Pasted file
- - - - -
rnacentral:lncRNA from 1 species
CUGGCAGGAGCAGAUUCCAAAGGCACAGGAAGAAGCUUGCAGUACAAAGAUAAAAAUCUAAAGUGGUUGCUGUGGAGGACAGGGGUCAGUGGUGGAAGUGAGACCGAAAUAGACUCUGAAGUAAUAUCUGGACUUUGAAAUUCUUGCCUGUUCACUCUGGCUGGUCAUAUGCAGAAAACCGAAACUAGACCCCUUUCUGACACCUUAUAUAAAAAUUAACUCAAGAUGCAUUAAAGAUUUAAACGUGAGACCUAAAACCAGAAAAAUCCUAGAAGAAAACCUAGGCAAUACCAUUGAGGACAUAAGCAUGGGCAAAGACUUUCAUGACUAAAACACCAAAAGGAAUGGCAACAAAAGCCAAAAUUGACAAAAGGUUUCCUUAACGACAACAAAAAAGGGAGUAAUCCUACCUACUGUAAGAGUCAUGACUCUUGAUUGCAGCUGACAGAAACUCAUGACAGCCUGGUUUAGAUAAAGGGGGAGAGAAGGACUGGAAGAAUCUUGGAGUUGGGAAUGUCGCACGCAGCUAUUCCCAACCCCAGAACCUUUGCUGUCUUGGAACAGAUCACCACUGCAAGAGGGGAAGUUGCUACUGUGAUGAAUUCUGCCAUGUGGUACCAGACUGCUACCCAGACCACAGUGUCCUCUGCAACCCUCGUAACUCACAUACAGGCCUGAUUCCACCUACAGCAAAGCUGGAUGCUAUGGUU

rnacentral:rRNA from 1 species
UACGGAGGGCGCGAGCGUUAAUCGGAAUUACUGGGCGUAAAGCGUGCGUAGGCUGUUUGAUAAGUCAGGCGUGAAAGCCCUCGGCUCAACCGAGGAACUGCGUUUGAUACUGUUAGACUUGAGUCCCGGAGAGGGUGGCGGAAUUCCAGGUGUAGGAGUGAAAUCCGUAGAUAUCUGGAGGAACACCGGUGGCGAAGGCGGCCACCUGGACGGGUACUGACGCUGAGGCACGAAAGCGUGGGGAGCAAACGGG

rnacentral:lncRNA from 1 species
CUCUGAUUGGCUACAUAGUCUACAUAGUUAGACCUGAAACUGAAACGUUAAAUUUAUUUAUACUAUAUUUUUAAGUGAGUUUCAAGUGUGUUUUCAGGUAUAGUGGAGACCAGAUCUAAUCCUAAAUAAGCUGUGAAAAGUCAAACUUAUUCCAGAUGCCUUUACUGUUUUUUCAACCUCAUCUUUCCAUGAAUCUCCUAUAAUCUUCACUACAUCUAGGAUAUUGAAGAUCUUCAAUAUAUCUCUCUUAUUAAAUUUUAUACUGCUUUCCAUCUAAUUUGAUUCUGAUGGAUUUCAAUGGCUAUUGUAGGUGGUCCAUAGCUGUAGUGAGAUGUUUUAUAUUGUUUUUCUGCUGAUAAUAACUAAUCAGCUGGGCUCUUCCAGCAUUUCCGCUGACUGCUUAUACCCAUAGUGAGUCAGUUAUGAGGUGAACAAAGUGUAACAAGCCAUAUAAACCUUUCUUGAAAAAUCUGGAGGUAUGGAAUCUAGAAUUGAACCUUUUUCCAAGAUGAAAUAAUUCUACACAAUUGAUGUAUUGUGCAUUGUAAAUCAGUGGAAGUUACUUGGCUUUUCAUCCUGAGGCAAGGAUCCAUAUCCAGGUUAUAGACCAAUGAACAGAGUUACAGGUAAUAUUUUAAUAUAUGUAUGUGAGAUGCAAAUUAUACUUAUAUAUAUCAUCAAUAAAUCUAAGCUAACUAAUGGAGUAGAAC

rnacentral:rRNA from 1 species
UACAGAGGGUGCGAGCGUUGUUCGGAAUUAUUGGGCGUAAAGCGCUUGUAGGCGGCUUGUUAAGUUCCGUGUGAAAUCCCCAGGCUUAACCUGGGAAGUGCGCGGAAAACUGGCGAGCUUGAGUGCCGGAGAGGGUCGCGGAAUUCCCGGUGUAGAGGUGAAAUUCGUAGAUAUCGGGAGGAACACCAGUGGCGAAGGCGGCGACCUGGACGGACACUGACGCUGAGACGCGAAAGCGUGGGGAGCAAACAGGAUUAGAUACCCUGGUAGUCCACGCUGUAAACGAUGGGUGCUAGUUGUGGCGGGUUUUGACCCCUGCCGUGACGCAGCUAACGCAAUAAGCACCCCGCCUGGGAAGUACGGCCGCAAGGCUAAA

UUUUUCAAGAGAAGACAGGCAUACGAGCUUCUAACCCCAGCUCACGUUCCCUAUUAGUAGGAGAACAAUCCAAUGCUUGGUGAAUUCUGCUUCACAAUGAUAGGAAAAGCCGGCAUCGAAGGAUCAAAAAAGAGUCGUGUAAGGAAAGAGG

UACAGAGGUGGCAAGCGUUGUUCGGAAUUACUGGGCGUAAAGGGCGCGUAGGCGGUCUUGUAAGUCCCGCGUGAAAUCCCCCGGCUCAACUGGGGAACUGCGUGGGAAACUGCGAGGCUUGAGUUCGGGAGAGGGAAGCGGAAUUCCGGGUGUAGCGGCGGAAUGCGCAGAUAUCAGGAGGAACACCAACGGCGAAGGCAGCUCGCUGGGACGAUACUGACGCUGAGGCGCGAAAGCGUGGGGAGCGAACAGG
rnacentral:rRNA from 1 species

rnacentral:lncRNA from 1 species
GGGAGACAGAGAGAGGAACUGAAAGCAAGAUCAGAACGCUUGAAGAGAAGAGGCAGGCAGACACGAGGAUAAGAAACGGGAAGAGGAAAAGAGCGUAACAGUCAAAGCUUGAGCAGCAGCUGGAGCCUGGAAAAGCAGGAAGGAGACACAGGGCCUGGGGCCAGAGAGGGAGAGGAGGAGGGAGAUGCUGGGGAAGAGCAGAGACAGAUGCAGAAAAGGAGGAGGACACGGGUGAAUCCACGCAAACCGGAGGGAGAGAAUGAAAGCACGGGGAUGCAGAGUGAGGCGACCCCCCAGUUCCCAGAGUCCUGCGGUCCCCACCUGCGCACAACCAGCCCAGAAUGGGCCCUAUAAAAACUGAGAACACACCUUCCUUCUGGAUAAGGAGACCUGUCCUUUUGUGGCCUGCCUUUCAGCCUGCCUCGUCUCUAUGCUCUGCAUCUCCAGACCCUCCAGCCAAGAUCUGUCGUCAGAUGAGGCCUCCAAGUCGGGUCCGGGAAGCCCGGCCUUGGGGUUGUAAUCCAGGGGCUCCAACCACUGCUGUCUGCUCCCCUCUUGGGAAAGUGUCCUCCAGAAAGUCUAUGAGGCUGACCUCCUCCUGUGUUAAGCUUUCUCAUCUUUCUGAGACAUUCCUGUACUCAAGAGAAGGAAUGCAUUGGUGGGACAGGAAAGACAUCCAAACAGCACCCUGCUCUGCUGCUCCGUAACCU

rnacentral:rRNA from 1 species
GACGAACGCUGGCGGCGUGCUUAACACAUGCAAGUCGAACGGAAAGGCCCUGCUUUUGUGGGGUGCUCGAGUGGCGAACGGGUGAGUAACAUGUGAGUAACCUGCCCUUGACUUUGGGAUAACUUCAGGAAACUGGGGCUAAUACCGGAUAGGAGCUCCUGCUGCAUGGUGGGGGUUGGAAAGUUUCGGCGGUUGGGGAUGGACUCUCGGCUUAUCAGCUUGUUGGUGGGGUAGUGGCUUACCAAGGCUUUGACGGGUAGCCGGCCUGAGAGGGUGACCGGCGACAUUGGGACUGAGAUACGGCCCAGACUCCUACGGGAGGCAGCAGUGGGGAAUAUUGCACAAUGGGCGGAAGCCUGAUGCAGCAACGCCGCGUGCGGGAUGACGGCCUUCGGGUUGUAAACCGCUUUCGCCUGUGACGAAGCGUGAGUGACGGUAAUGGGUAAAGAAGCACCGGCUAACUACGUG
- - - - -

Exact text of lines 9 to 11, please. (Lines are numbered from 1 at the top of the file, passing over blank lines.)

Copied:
UUUUUCAAGAGAAGACAGGCAUACGAGCUUCUAACCCCAGCUCACGUUCCCUAUUAGUAGGAGAACAAUCCAAUGCUUGGUGAAUUCUGCUUCACAAUGAUAGGAAAAGCCGGCAUCGAAGGAUCAAAAAAGAGUCGUGUAAGGAAAGAGG

UACAGAGGUGGCAAGCGUUGUUCGGAAUUACUGGGCGUAAAGGGCGCGUAGGCGGUCUUGUAAGUCCCGCGUGAAAUCCCCCGGCUCAACUGGGGAACUGCGUGGGAAACUGCGAGGCUUGAGUUCGGGAGAGGGAAGCGGAAUUCCGGGUGUAGCGGCGGAAUGCGCAGAUAUCAGGAGGAACACCAACGGCGAAGGCAGCUCGCUGGGACGAUACUGACGCUGAGGCGCGAAAGCGUGGGGAGCGAACAGG
rnacentral:rRNA from 1 species